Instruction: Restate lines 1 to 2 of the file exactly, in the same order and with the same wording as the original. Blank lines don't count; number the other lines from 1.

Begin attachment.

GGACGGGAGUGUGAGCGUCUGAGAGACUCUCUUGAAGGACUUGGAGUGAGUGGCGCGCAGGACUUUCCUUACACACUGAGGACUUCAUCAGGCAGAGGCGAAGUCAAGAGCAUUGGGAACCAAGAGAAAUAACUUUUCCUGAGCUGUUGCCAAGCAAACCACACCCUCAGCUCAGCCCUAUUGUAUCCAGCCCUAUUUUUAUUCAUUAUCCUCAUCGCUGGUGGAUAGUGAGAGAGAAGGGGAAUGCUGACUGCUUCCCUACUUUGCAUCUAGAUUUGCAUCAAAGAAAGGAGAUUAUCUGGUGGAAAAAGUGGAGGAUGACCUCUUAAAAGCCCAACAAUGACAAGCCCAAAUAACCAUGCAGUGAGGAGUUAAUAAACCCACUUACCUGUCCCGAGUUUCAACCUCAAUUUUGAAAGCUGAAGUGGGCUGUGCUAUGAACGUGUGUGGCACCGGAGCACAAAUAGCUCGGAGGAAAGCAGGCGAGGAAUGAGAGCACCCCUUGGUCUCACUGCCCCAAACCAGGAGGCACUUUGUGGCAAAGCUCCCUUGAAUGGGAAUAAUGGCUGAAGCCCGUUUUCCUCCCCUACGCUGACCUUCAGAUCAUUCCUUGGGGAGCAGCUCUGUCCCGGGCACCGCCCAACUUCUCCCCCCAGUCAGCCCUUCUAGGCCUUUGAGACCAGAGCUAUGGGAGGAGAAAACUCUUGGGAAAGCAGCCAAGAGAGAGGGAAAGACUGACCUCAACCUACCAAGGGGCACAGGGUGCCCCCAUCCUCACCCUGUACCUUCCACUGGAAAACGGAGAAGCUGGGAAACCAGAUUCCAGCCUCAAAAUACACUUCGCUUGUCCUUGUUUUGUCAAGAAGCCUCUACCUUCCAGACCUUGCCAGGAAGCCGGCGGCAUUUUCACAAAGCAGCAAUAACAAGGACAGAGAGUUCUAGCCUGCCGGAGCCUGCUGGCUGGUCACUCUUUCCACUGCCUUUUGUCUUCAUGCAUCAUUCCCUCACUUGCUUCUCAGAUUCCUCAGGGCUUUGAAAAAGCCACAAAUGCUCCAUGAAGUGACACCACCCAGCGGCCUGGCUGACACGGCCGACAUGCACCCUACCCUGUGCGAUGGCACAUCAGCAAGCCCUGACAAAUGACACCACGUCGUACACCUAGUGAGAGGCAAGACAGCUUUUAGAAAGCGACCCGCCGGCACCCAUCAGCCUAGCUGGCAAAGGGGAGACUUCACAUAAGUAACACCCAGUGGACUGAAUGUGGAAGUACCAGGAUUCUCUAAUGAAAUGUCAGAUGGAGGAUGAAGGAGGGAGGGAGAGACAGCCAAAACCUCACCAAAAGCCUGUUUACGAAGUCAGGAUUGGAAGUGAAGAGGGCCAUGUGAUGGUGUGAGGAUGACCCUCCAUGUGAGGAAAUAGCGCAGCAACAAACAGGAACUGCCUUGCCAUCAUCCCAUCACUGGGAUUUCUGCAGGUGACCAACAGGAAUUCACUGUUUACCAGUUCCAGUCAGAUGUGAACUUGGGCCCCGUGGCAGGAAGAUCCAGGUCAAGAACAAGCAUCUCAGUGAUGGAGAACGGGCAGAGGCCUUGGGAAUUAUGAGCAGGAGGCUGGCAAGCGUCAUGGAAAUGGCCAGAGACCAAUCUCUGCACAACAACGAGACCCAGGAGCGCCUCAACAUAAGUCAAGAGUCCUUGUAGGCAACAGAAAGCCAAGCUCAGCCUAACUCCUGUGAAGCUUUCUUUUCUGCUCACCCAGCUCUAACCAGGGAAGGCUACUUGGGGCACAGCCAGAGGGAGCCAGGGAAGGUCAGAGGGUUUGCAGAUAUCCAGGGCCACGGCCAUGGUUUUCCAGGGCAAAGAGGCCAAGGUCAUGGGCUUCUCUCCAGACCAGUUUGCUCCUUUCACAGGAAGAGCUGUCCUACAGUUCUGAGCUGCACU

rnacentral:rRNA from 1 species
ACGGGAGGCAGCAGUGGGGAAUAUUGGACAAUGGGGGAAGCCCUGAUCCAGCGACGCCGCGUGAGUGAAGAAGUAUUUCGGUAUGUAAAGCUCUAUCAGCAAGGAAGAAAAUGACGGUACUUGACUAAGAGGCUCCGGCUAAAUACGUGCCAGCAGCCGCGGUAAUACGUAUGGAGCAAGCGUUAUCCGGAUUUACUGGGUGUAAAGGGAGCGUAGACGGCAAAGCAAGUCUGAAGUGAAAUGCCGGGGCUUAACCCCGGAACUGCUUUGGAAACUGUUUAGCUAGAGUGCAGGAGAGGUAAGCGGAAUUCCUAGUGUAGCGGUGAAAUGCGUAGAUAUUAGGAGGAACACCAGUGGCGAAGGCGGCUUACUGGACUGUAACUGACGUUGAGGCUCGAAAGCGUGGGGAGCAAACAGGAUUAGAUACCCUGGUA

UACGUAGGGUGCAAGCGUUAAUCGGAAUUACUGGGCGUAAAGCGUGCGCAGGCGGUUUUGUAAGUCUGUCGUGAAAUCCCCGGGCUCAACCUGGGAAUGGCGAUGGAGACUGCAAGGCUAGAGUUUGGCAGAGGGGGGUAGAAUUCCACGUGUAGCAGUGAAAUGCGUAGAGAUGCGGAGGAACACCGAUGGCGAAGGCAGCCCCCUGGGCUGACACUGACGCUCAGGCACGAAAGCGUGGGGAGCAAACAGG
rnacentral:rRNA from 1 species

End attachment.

GGACGGGAGUGUGAGCGUCUGAGAGACUCUCUUGAAGGACUUGGAGUGAGUGGCGCGCAGGACUUUCCUUACACACUGAGGACUUCAUCAGGCAGAGGCGAAGUCAAGAGCAUUGGGAACCAAGAGAAAUAACUUUUCCUGAGCUGUUGCCAAGCAAACCACACCCUCAGCUCAGCCCUAUUGUAUCCAGCCCUAUUUUUAUUCAUUAUCCUCAUCGCUGGUGGAUAGUGAGAGAGAAGGGGAAUGCUGACUGCUUCCCUACUUUGCAUCUAGAUUUGCAUCAAAGAAAGGAGAUUAUCUGGUGGAAAAAGUGGAGGAUGACCUCUUAAAAGCCCAACAAUGACAAGCCCAAAUAACCAUGCAGUGAGGAGUUAAUAAACCCACUUACCUGUCCCGAGUUUCAACCUCAAUUUUGAAAGCUGAAGUGGGCUGUGCUAUGAACGUGUGUGGCACCGGAGCACAAAUAGCUCGGAGGAAAGCAGGCGAGGAAUGAGAGCACCCCUUGGUCUCACUGCCCCAAACCAGGAGGCACUUUGUGGCAAAGCUCCCUUGAAUGGGAAUAAUGGCUGAAGCCCGUUUUCCUCCCCUACGCUGACCUUCAGAUCAUUCCUUGGGGAGCAGCUCUGUCCCGGGCACCGCCCAACUUCUCCCCCCAGUCAGCCCUUCUAGGCCUUUGAGACCAGAGCUAUGGGAGGAGAAAACUCUUGGGAAAGCAGCCAAGAGAGAGGGAAAGACUGACCUCAACCUACCAAGGGGCACAGGGUGCCCCCAUCCUCACCCUGUACCUUCCACUGGAAAACGGAGAAGCUGGGAAACCAGAUUCCAGCCUCAAAAUACACUUCGCUUGUCCUUGUUUUGUCAAGAAGCCUCUACCUUCCAGACCUUGCCAGGAAGCCGGCGGCAUUUUCACAAAGCAGCAAUAACAAGGACAGAGAGUUCUAGCCUGCCGGAGCCUGCUGGCUGGUCACUCUUUCCACUGCCUUUUGUCUUCAUGCAUCAUUCCCUCACUUGCUUCUCAGAUUCCUCAGGGCUUUGAAAAAGCCACAAAUGCUCCAUGAAGUGACACCACCCAGCGGCCUGGCUGACACGGCCGACAUGCACCCUACCCUGUGCGAUGGCACAUCAGCAAGCCCUGACAAAUGACACCACGUCGUACACCUAGUGAGAGGCAAGACAGCUUUUAGAAAGCGACCCGCCGGCACCCAUCAGCCUAGCUGGCAAAGGGGAGACUUCACAUAAGUAACACCCAGUGGACUGAAUGUGGAAGUACCAGGAUUCUCUAAUGAAAUGUCAGAUGGAGGAUGAAGGAGGGAGGGAGAGACAGCCAAAACCUCACCAAAAGCCUGUUUACGAAGUCAGGAUUGGAAGUGAAGAGGGCCAUGUGAUGGUGUGAGGAUGACCCUCCAUGUGAGGAAAUAGCGCAGCAACAAACAGGAACUGCCUUGCCAUCAUCCCAUCACUGGGAUUUCUGCAGGUGACCAACAGGAAUUCACUGUUUACCAGUUCCAGUCAGAUGUGAACUUGGGCCCCGUGGCAGGAAGAUCCAGGUCAAGAACAAGCAUCUCAGUGAUGGAGAACGGGCAGAGGCCUUGGGAAUUAUGAGCAGGAGGCUGGCAAGCGUCAUGGAAAUGGCCAGAGACCAAUCUCUGCACAACAACGAGACCCAGGAGCGCCUCAACAUAAGUCAAGAGUCCUUGUAGGCAACAGAAAGCCAAGCUCAGCCUAACUCCUGUGAAGCUUUCUUUUCUGCUCACCCAGCUCUAACCAGGGAAGGCUACUUGGGGCACAGCCAGAGGGAGCCAGGGAAGGUCAGAGGGUUUGCAGAUAUCCAGGGCCACGGCCAUGGUUUUCCAGGGCAAAGAGGCCAAGGUCAUGGGCUUCUCUCCAGACCAGUUUGCUCCUUUCACAGGAAGAGCUGUCCUACAGUUCUGAGCUGCACU

rnacentral:rRNA from 1 species